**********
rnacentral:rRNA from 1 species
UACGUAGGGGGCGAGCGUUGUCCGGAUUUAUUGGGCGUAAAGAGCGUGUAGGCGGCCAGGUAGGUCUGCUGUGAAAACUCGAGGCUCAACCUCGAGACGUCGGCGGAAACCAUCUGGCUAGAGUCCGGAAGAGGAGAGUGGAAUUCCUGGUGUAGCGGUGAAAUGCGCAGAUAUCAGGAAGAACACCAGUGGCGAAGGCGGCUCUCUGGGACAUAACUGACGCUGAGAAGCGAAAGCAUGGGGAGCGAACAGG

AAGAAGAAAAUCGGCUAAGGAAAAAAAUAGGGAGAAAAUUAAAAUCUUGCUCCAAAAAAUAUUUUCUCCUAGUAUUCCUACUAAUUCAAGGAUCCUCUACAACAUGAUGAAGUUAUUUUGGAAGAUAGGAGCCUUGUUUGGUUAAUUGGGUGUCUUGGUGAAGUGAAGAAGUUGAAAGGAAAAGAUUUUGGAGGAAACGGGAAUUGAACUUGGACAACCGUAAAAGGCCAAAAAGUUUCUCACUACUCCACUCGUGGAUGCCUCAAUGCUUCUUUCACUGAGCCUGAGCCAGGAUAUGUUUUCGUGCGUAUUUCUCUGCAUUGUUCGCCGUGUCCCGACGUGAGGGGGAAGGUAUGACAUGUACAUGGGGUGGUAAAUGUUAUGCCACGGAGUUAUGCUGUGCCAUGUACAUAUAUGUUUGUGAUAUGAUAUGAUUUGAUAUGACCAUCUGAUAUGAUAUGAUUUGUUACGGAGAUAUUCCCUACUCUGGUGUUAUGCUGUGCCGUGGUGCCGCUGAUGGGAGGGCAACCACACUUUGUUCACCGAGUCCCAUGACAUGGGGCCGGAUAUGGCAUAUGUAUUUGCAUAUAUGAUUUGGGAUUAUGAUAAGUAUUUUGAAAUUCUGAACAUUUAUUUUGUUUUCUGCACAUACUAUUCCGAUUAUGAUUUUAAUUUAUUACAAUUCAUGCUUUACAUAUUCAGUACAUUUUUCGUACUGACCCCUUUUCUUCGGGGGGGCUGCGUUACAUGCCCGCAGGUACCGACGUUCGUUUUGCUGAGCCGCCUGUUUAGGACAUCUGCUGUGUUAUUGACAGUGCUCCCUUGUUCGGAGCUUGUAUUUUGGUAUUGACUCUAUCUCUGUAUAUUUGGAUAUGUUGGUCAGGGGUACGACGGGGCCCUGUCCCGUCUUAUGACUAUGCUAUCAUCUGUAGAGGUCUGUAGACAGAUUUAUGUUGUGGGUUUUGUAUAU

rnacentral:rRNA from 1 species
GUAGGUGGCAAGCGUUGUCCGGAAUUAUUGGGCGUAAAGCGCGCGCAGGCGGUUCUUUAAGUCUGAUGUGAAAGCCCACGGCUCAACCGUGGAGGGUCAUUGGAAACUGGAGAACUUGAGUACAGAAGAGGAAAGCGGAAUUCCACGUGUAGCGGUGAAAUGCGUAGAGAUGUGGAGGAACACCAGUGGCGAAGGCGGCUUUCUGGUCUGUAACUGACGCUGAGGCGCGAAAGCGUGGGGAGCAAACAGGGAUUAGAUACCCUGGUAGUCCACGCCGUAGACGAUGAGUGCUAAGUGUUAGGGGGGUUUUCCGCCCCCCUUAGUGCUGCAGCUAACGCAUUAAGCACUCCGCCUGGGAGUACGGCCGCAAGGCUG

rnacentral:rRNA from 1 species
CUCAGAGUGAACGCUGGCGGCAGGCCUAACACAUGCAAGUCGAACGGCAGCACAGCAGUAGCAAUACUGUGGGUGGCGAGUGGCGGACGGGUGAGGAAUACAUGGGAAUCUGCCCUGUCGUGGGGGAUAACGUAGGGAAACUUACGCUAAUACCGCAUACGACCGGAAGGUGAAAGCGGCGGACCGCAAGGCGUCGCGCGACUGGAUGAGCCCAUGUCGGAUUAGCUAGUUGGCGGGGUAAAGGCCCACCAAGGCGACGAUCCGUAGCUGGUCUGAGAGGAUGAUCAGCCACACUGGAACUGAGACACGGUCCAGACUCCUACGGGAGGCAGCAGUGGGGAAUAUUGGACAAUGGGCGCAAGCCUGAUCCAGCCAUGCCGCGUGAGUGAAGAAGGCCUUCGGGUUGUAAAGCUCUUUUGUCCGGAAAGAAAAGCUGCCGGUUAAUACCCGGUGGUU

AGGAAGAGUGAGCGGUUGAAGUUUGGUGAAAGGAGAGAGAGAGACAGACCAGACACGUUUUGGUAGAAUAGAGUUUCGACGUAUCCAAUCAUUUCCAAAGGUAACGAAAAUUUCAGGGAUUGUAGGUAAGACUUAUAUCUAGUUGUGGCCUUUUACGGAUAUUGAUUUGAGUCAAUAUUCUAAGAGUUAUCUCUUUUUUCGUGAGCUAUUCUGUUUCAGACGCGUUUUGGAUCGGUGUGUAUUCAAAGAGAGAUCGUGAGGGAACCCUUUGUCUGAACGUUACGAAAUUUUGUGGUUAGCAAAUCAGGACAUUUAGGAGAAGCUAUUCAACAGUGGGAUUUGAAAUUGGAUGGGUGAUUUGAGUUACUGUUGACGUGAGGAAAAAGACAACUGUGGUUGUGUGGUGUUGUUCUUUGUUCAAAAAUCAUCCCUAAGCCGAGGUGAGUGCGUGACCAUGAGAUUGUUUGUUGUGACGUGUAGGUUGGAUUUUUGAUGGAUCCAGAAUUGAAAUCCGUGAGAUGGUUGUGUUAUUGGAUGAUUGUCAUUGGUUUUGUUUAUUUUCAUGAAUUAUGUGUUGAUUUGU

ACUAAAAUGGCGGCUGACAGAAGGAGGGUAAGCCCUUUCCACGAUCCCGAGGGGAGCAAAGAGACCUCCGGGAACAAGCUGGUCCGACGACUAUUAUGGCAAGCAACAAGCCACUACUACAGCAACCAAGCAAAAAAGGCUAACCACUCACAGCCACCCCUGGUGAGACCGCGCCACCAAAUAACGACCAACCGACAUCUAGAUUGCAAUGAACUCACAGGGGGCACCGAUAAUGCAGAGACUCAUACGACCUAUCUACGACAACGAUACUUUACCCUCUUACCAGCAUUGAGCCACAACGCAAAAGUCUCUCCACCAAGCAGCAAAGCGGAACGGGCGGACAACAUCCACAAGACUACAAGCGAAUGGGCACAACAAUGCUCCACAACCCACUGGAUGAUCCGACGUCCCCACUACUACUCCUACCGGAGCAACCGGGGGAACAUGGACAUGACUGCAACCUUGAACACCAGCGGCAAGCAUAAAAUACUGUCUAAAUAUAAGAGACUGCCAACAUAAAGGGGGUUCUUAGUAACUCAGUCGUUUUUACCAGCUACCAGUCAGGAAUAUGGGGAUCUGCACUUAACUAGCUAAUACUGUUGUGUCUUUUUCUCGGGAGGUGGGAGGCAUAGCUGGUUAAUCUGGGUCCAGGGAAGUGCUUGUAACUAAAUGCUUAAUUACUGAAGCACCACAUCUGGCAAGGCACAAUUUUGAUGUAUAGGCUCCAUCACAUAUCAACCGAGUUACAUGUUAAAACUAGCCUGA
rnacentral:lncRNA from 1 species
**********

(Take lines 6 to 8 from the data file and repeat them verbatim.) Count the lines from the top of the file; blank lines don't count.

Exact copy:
rnacentral:rRNA from 1 species
CUCAGAGUGAACGCUGGCGGCAGGCCUAACACAUGCAAGUCGAACGGCAGCACAGCAGUAGCAAUACUGUGGGUGGCGAGUGGCGGACGGGUGAGGAAUACAUGGGAAUCUGCCCUGUCGUGGGGGAUAACGUAGGGAAACUUACGCUAAUACCGCAUACGACCGGAAGGUGAAAGCGGCGGACCGCAAGGCGUCGCGCGACUGGAUGAGCCCAUGUCGGAUUAGCUAGUUGGCGGGGUAAAGGCCCACCAAGGCGACGAUCCGUAGCUGGUCUGAGAGGAUGAUCAGCCACACUGGAACUGAGACACGGUCCAGACUCCUACGGGAGGCAGCAGUGGGGAAUAUUGGACAAUGGGCGCAAGCCUGAUCCAGCCAUGCCGCGUGAGUGAAGAAGGCCUUCGGGUUGUAAAGCUCUUUUGUCCGGAAAGAAAAGCUGCCGGUUAAUACCCGGUGGUU

AGGAAGAGUGAGCGGUUGAAGUUUGGUGAAAGGAGAGAGAGAGACAGACCAGACACGUUUUGGUAGAAUAGAGUUUCGACGUAUCCAAUCAUUUCCAAAGGUAACGAAAAUUUCAGGGAUUGUAGGUAAGACUUAUAUCUAGUUGUGGCCUUUUACGGAUAUUGAUUUGAGUCAAUAUUCUAAGAGUUAUCUCUUUUUUCGUGAGCUAUUCUGUUUCAGACGCGUUUUGGAUCGGUGUGUAUUCAAAGAGAGAUCGUGAGGGAACCCUUUGUCUGAACGUUACGAAAUUUUGUGGUUAGCAAAUCAGGACAUUUAGGAGAAGCUAUUCAACAGUGGGAUUUGAAAUUGGAUGGGUGAUUUGAGUUACUGUUGACGUGAGGAAAAAGACAACUGUGGUUGUGUGGUGUUGUUCUUUGUUCAAAAAUCAUCCCUAAGCCGAGGUGAGUGCGUGACCAUGAGAUUGUUUGUUGUGACGUGUAGGUUGGAUUUUUGAUGGAUCCAGAAUUGAAAUCCGUGAGAUGGUUGUGUUAUUGGAUGAUUGUCAUUGGUUUUGUUUAUUUUCAUGAAUUAUGUGUUGAUUUGU